Richard Murray (RSA) put together a remarkable day under tough and chilly conditions to secure his second ever World Triathlon Series win on Sunday in Edmonton.
“Javi was hanging on the whole time and I really had to give it everything,” Murray said. “I had some issues at the start of the day. I broke my swim cap, I had to give it everything in the end. My swim was much better than last year, and I managed to push hard on the bike.”
Driving to become the first athlete to win five World Championships, Javier Gomez Noya (ESP) finished second to retain the top Columbia Threadneedle Rankings spot in the last WTS event ahead of the Grand Final. Compatriot Mario Mola, who sits second in the rankings, took third, which makes him just 225 points behind Gomez just a week ahead of the World Championships.
“Today was a very different race,” Gomez said. “I tried to keep going, but it wasn’t very fast, I couldn’t feel my feet for the first two run laps. I tried to hang on with Richard. Maybe I wasn’t confident enough to beat him (Murray) in the end, but after racing so much, it’s a good result. It’s always good to be ahead of Mario and Vincent but it will all come down to the Grand Final and that’s what I’m focused on.”
The men’s race saw important changes in the Columbia Threadneedle Rankings, as Vincent Luis (FRA) moved into third over Spaniard Fernando Alarza. Luis’ fourth place finish makes him just 277 points behind leader Gomez. Likewise, Murray’s win makes him fourth in the Rankings with just 530 points separating the top four men, mean if any of those men could be named World Champion on September 19.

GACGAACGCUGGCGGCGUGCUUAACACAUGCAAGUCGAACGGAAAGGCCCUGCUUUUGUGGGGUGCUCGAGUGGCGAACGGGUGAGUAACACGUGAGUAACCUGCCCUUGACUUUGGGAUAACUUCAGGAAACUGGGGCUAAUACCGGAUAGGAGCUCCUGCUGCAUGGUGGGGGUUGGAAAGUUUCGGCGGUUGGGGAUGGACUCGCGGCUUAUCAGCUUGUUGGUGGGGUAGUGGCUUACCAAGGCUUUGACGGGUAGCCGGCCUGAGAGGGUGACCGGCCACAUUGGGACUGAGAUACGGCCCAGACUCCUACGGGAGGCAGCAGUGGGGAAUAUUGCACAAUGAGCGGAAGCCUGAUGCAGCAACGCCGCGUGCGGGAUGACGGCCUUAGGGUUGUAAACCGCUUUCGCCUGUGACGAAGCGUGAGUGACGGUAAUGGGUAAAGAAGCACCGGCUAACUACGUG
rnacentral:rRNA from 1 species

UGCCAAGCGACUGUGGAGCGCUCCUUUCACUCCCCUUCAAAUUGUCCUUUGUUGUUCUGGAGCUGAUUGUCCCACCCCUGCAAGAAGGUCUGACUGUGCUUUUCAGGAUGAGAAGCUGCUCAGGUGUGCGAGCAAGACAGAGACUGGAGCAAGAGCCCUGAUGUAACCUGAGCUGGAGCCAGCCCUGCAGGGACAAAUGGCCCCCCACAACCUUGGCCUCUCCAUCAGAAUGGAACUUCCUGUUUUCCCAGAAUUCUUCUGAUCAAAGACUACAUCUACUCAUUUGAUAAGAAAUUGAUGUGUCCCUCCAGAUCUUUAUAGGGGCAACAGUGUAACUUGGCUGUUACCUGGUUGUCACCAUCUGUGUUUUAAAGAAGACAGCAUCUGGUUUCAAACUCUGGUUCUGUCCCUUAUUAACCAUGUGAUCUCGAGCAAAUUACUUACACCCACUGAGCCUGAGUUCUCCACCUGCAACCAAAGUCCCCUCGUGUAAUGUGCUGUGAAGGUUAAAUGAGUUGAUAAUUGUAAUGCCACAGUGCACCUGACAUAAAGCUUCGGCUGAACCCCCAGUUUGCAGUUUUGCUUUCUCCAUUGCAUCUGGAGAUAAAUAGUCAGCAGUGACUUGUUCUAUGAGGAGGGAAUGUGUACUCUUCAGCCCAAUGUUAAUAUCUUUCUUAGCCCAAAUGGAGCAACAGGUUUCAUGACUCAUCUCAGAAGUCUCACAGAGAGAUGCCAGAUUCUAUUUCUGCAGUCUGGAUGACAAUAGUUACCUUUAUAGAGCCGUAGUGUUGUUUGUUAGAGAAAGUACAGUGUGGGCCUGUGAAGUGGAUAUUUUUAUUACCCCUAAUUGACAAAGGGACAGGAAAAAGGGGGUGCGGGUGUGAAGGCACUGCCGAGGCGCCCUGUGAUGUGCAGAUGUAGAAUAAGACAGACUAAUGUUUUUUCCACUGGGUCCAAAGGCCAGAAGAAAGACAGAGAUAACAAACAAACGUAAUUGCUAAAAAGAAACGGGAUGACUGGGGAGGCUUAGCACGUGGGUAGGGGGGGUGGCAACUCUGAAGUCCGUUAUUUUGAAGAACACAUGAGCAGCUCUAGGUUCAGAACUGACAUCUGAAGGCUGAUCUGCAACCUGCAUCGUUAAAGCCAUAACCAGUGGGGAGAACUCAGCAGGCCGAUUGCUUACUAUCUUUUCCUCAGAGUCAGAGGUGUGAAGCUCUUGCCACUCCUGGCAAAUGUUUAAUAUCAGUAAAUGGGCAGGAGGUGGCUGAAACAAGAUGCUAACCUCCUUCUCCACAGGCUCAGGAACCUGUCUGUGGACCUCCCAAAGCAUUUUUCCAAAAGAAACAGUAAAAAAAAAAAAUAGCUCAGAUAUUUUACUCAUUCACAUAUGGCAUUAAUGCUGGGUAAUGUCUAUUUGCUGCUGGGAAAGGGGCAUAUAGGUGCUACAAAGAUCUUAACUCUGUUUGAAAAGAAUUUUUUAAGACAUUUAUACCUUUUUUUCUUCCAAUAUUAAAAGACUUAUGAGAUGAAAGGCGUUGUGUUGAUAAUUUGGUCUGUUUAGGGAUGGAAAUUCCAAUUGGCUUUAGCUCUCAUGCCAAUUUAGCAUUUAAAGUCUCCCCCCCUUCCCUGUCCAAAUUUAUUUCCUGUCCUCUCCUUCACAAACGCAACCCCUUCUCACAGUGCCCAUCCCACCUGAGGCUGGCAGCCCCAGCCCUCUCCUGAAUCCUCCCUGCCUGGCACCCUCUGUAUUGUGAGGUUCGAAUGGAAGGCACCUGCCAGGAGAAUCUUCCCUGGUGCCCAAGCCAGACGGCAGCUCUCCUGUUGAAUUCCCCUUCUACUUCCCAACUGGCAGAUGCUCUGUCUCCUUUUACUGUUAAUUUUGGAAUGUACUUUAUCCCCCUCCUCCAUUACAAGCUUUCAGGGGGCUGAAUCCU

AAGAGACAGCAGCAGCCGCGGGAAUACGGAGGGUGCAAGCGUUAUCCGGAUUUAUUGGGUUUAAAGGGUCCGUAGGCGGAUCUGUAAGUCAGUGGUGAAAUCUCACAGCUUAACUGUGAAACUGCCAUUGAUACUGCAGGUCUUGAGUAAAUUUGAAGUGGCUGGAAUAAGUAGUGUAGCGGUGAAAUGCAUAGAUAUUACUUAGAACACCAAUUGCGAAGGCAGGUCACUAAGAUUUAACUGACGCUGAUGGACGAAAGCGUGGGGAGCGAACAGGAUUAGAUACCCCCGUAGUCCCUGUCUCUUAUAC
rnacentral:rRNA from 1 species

The quick 750 metre one-lap swim gave no individual the time to draw out a large lead, with Raoul Shaw (FRA) and Eric Lagerstrom (USA) leading the men out of the water and into T1. With no time to create a gap, a group of just over 20 men formed together to make up the lead pack on the four-lap 20km bike.
However, their efforts weren’t enough to keep the chase, which included Mola, from bridging up as more than 40 men came together at the end of the third bike lap.
Off the bike, Murray and his South African teammate Wian Sullwald gunned to the front of the pack early on the first of three run laps. But by the end of that lap, Murray had pulled away with Gomez, who won World Triathlon Stockholm two weeks ago followed by a bronze at the Ironman 70.3 World Championships last weekend, showed his tenacity and went with him.
Behind them, Royle ran past Sullwald in an effort to repeat his World Triathlon Stockholm prodium. But it wasn’t to be as Mola mustered up the guts to overtake the Australian on the second lap.
While Gomez stayed on Murray’s hip throughout the run, the South African was just too strong on Sunday as he lengthened his stride and pulled far enough away on the last lap to keep the reigning World Champ at a great enough distance to win the race.
Gomez held the pace to keep himself in second, while Mola crossed over with the third fastest race of the day in bronze medal position.
“It’s been the toughest hour of my life,” Mola said. “I kept thinking it wasn’t going to end. It was good for me with third. It was important for me to get a good result here to be able to fight for the World Championship in Chicago. Javi isn’t going to make it easy for me.”